• 34d [Cafés with all the gossip?] TEA ROOMS. Kind of a double pun, I guess.
  • 60d [One, for a newborn in Seoul’s country] AGE. 50a [South __ (Seoul’s country)] KOREA.
  • 11a [Cutesy dinosaur sound] RAWR. This entry usually garners comments of ‘unfamiliar’ and ‘new to me’, but perhaps it’s seeping into general consciousness?
  • 55a [Fruits used to flavor gin] SLOES. Only a certain, now-uncommon variety of gin. However.

Kameron Austin Collins’s New Yorker crossword–Amy’s recap

New Yorker crossword solution, 3/11/24 – Collins

A bit easier than many a Monday New Yorker puzzle, but still tougher than Friday NYTs.

Fave fill: AFTERCARE (though the [Recovery practice following some B.D.S.M. play] sense was unknown to me), a JEALOUS EX (yes, it’s green-painty, but it looks great in the grid), volcanic CALDERA, BLOATWARE, Dolly Parton’s APPALACHIA, SKATE PARKS, MAN BAG, NE PLUS ULTRA, BIODIVERSE, ANSEL ADAMS.

Not keen on DIGS AT, but POKING AT is more natural (and the clue’s fun, [Giving the finger?]).

New to me: ROPE-DANCING, clued as [High-wire act]. Apparently rope-dancing can mean several different things, but the high wire’s one of them. I don’t think I’ve encountered the term ever before.

Four stars from me.

Brendan Emmett Quigley’s Themeless Monday crossword—Matt’s write-up

Brendan Emmett Quigley’s Themeless Monday crossword solution, 3/11/2024

I was just thinking yesterday that last year’s Indy 500 winner, JOSEF Newgarden, who also won the IndyCar season opener this weekend, would be a neat angle on that entry, and today we get a Kafka character for it. Kinda tough corner up there, with X-Men’s Kitty PRYDE, JPEG as a TIFF alternative (did you recognize TIFF right away? I only half-did), ORSES as a dialectic “arses,” and crosswordese ESSEN.

SNIZZLES for [Runny nose]. huh? I guess it makes FENDER JAZZ BASS work, and I liked that. MAYBE JUST MAYBE is a nice 14 on the bottom half to mirror it. I liked seeing Gertrude EDERLE and JUNE NASH. I didn’t know engineer Rupert NEVE. Glad to learn a new angle there, wonder how people did with basketballer (is he a “star”? hmm) JONAS Valančiūnas crossing at the N there.

I liked this puzzle more than this review lets on, I swear. I suppose the cluing is a bit less on the misdirection than BEQ’s normal, to accomodate the fill a little more. Hope you’re having a good Monday.

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18 Responses to Monday, March 11, 2024

  1. Mr. [somewhat] Grumpy says:

    NYT: HUNGER and FOOD are not the same thing. If I feel hungry, I might grab a piece of candy or an apple. A pickle would not be a likely choice [YMMV], and there’s no way I would bother to cook an ear of corn. This “theme” did not work for me, although the puzzle was otherwise an easy Monday romp.

    TNY: Not the worst KAC puzzle ever, but I did not need 1A on a Monday morning.

    • huda says:

      I took it in the broader sense, that it’s related to food names in the context of games.

    • sanfranman59 says:

      BDSM is a popular subject in CrossWorld today. There’s also a reference to it in today’s USA Today puzzle. In spite of my ignorance of the topic, I managed to get the answer in that puzzle with just a couple of crosses. Unfortunately, I went with ‘pULLS’ as the answer for “Does some weeding” in the TNY puzzle. Don’t ask me what I thought ‘AFTERpARE’ was or how it might relate to recovering from BDSM.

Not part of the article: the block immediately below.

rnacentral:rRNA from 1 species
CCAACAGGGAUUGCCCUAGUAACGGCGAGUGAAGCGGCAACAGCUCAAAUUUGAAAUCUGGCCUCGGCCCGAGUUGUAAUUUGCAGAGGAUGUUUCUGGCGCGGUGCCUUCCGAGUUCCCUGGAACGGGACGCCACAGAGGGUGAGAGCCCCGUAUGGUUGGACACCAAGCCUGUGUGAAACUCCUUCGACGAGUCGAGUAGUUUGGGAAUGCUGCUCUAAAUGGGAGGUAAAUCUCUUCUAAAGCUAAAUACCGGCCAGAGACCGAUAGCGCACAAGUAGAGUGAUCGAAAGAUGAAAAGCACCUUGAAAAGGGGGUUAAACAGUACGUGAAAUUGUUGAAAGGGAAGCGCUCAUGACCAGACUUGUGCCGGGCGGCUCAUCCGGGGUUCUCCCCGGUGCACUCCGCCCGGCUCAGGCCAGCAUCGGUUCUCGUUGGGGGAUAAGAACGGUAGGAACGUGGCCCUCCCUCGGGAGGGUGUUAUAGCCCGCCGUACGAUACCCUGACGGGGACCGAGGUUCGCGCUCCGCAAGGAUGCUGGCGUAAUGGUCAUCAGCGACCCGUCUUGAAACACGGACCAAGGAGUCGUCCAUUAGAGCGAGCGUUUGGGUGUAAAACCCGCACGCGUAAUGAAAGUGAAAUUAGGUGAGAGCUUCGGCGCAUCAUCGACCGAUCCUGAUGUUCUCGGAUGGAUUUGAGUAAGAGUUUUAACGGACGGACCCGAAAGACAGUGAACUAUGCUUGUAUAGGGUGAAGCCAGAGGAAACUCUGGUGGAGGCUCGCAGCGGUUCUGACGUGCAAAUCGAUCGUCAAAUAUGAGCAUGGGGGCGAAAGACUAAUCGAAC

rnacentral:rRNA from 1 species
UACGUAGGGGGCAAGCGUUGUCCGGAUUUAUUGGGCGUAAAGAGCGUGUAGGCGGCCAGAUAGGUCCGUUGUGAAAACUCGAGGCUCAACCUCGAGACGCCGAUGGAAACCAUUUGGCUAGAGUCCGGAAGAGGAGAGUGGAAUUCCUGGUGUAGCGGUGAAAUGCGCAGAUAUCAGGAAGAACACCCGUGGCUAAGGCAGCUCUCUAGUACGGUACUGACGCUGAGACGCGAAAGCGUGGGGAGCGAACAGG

• David L says:

        I am channeling my inner Mr. Grumpy to say that I don’t care for all the references to varied sex practices that certain younger constructors seems to think are daring or edgy or whatever. You may think you are epat-ing les bourgeois, but really, it’s just tiresome.

    • JohnH says:

      TNY’s NW was my last to fall, in part because I’m happily unfamiliar with BDSM, but it doesn’t bother me in the least to see the entry, which at the very least looks for a non-ugly act. Overall one of my favorite themeless puzzles in ages, with lots of clues who’s answers came as a surprise. Amy is right, though, that DIGS AT feels a bit off. I’d expect DIGS in this sense to end with “into.”

      I don’t share at all Sophia’s Monday morning cheerleading for the NYT, on a theme I could live without and too much other fill embedded in dopey or dated culture (or both).

  2. FreePalestine says:

    I simply don’t agree.

  3. pannonica says:

    Don’t feed the troll.

  4. Eric H says:

    New Yorker: It felt a bit more challenging than the KAC puzzles in the NYT, but I finished faster than I usually do with those.

    I wasn’t familiar with a lot of stuff: AFTER CARE (as clued), ROPE DANCING, TORTELLINI (as clued). BLOATWARE sounds familiar, but I needed some crosses to get it.

    ANSEL ADAMS and APPALACHIA weren’t quite gimmes, but with a few letters in place, they were easy to get.

    Most of my missteps were in the SE corner: Hold before HAVE; Abra before AREA (even though I wouldn’t call “abra-cadabra” a “code”). But those easily sorted themselves out.

    I needed J and F to come up with JFK. That’s got one of my sister-in-law’s earliest film roles; she has a tiny part as the Oswald’s landlady.

  5. Quiara says:

    Curious if anyone else was sufficiently WNBA-pilled that when the Universal asked for five letters for [Atlanta NBA team] they immediately put down DREAM!

  6. Seattle DB says:

    UNI – pannonica’s review didn’t mention 21A. Why is “Microsoft Windows’ counterpart” known as “Macos”. (As a former techie, MS-DOS is the answer, right?)

    • Eric H says:

      That threw me for a bit, especially since Universal puzzles rarely use words that I don’t know.

      Then I realized that the answer is Mac OS.

      I felt kinda foolish, as we’ve owned some model of Apple computer since the late 1980s.